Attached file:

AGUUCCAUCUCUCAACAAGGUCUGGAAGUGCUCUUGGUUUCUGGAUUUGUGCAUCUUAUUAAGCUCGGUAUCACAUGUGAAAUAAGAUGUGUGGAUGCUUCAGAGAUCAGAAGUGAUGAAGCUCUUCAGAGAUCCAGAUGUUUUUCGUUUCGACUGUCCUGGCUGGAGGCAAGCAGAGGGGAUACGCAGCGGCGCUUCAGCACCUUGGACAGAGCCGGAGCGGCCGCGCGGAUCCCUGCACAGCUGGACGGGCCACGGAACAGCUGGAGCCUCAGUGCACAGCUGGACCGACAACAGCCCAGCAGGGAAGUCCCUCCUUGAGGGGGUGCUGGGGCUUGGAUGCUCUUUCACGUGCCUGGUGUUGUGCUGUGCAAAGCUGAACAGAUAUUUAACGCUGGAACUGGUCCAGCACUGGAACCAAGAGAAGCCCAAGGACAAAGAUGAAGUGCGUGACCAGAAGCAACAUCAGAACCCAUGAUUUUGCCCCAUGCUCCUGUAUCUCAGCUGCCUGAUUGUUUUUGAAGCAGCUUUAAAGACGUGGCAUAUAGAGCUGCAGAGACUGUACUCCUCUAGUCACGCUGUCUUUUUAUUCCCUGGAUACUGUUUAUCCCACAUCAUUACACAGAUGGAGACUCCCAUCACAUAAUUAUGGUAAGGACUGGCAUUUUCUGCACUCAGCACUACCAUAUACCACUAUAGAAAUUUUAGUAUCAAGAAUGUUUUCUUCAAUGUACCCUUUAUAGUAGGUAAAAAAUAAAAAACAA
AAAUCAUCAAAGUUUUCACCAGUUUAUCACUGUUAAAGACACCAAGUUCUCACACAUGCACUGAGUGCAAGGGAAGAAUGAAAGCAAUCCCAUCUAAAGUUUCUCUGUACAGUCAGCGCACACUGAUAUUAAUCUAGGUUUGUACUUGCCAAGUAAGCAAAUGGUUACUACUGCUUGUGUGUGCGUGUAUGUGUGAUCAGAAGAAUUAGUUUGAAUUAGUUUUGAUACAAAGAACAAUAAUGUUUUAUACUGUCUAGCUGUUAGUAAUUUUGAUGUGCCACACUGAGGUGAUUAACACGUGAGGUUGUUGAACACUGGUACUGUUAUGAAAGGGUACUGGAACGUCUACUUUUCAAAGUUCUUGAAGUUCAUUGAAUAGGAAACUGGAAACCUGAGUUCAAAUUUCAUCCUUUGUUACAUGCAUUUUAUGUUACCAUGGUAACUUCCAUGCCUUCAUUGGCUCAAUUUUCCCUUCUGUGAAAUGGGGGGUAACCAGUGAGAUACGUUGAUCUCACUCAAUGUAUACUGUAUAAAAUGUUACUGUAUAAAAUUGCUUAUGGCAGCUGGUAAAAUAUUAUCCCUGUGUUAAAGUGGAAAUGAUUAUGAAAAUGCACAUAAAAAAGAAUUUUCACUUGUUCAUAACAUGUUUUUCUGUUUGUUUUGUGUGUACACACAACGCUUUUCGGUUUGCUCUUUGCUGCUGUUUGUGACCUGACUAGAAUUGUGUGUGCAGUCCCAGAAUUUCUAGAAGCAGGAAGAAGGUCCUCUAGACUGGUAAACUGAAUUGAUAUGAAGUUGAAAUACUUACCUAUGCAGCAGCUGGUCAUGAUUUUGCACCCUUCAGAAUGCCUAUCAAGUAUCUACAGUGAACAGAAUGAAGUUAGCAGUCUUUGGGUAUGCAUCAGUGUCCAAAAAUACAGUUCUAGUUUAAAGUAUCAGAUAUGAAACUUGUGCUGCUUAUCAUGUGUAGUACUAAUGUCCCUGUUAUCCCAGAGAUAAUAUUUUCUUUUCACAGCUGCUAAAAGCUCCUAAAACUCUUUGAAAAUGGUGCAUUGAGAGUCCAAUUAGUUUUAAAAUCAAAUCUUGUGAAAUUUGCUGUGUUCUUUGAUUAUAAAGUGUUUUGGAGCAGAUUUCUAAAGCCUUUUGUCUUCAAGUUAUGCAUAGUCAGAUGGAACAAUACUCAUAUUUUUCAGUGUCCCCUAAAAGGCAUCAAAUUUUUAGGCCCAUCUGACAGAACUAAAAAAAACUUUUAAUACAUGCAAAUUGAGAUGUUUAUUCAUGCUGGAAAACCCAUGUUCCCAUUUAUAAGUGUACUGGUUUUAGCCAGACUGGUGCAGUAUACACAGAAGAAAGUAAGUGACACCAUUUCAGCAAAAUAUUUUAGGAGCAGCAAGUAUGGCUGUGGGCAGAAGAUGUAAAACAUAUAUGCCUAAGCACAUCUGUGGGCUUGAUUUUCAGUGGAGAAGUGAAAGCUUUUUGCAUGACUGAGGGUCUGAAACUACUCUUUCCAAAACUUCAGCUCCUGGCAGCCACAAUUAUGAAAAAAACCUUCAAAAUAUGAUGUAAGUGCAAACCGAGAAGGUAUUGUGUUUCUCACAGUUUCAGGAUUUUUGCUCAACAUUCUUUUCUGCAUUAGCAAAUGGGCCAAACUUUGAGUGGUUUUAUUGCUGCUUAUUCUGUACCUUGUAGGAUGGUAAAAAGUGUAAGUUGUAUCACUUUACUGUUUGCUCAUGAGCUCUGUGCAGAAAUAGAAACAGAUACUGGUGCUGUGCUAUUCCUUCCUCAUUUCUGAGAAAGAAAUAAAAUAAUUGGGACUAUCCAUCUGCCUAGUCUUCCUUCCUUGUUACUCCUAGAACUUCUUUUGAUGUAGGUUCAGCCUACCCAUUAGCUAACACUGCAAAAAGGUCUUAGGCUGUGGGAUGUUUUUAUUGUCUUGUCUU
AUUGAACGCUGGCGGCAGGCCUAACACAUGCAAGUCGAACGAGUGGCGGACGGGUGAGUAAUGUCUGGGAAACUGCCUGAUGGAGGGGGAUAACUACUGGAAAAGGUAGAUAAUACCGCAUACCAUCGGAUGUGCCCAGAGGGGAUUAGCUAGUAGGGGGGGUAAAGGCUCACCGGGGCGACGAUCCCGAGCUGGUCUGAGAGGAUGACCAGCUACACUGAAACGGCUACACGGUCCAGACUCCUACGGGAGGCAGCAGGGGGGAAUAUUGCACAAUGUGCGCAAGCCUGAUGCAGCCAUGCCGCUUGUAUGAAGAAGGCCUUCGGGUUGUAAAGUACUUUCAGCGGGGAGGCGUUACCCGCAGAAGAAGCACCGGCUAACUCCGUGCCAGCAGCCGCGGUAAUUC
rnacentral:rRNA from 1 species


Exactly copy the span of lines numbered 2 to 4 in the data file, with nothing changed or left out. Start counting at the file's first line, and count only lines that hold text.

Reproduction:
AAAUCAUCAAAGUUUUCACCAGUUUAUCACUGUUAAAGACACCAAGUUCUCACACAUGCACUGAGUGCAAGGGAAGAAUGAAAGCAAUCCCAUCUAAAGUUUCUCUGUACAGUCAGCGCACACUGAUAUUAAUCUAGGUUUGUACUUGCCAAGUAAGCAAAUGGUUACUACUGCUUGUGUGUGCGUGUAUGUGUGAUCAGAAGAAUUAGUUUGAAUUAGUUUUGAUACAAAGAACAAUAAUGUUUUAUACUGUCUAGCUGUUAGUAAUUUUGAUGUGCCACACUGAGGUGAUUAACACGUGAGGUUGUUGAACACUGGUACUGUUAUGAAAGGGUACUGGAACGUCUACUUUUCAAAGUUCUUGAAGUUCAUUGAAUAGGAAACUGGAAACCUGAGUUCAAAUUUCAUCCUUUGUUACAUGCAUUUUAUGUUACCAUGGUAACUUCCAUGCCUUCAUUGGCUCAAUUUUCCCUUCUGUGAAAUGGGGGGUAACCAGUGAGAUACGUUGAUCUCACUCAAUGUAUACUGUAUAAAAUGUUACUGUAUAAAAUUGCUUAUGGCAGCUGGUAAAAUAUUAUCCCUGUGUUAAAGUGGAAAUGAUUAUGAAAAUGCACAUAAAAAAGAAUUUUCACUUGUUCAUAACAUGUUUUUCUGUUUGUUUUGUGUGUACACACAACGCUUUUCGGUUUGCUCUUUGCUGCUGUUUGUGACCUGACUAGAAUUGUGUGUGCAGUCCCAGAAUUUCUAGAAGCAGGAAGAAGGUCCUCUAGACUGGUAAACUGAAUUGAUAUGAAGUUGAAAUACUUACCUAUGCAGCAGCUGGUCAUGAUUUUGCACCCUUCAGAAUGCCUAUCAAGUAUCUACAGUGAACAGAAUGAAGUUAGCAGUCUUUGGGUAUGCAUCAGUGUCCAAAAAUACAGUUCUAGUUUAAAGUAUCAGAUAUGAAACUUGUGCUGCUUAUCAUGUGUAGUACUAAUGUCCCUGUUAUCCCAGAGAUAAUAUUUUCUUUUCACAGCUGCUAAAAGCUCCUAAAACUCUUUGAAAAUGGUGCAUUGAGAGUCCAAUUAGUUUUAAAAUCAAAUCUUGUGAAAUUUGCUGUGUUCUUUGAUUAUAAAGUGUUUUGGAGCAGAUUUCUAAAGCCUUUUGUCUUCAAGUUAUGCAUAGUCAGAUGGAACAAUACUCAUAUUUUUCAGUGUCCCCUAAAAGGCAUCAAAUUUUUAGGCCCAUCUGACAGAACUAAAAAAAACUUUUAAUACAUGCAAAUUGAGAUGUUUAUUCAUGCUGGAAAACCCAUGUUCCCAUUUAUAAGUGUACUGGUUUUAGCCAGACUGGUGCAGUAUACACAGAAGAAAGUAAGUGACACCAUUUCAGCAAAAUAUUUUAGGAGCAGCAAGUAUGGCUGUGGGCAGAAGAUGUAAAACAUAUAUGCCUAAGCACAUCUGUGGGCUUGAUUUUCAGUGGAGAAGUGAAAGCUUUUUGCAUGACUGAGGGUCUGAAACUACUCUUUCCAAAACUUCAGCUCCUGGCAGCCACAAUUAUGAAAAAAACCUUCAAAAUAUGAUGUAAGUGCAAACCGAGAAGGUAUUGUGUUUCUCACAGUUUCAGGAUUUUUGCUCAACAUUCUUUUCUGCAUUAGCAAAUGGGCCAAACUUUGAGUGGUUUUAUUGCUGCUUAUUCUGUACCUUGUAGGAUGGUAAAAAGUGUAAGUUGUAUCACUUUACUGUUUGCUCAUGAGCUCUGUGCAGAAAUAGAAACAGAUACUGGUGCUGUGCUAUUCCUUCCUCAUUUCUGAGAAAGAAAUAAAAUAAUUGGGACUAUCCAUCUGCCUAGUCUUCCUUCCUUGUUACUCCUAGAACUUCUUUUGAUGUAGGUUCAGCCUACCCAUUAGCUAACACUGCAAAAAGGUCUUAGGCUGUGGGAUGUUUUUAUUGUCUUGUCUU
AUUGAACGCUGGCGGCAGGCCUAACACAUGCAAGUCGAACGAGUGGCGGACGGGUGAGUAAUGUCUGGGAAACUGCCUGAUGGAGGGGGAUAACUACUGGAAAAGGUAGAUAAUACCGCAUACCAUCGGAUGUGCCCAGAGGGGAUUAGCUAGUAGGGGGGGUAAAGGCUCACCGGGGCGACGAUCCCGAGCUGGUCUGAGAGGAUGACCAGCUACACUGAAACGGCUACACGGUCCAGACUCCUACGGGAGGCAGCAGGGGGGAAUAUUGCACAAUGUGCGCAAGCCUGAUGCAGCCAUGCCGCUUGUAUGAAGAAGGCCUUCGGGUUGUAAAGUACUUUCAGCGGGGAGGCGUUACCCGCAGAAGAAGCACCGGCUAACUCCGUGCCAGCAGCCGCGGUAAUUC
rnacentral:rRNA from 1 species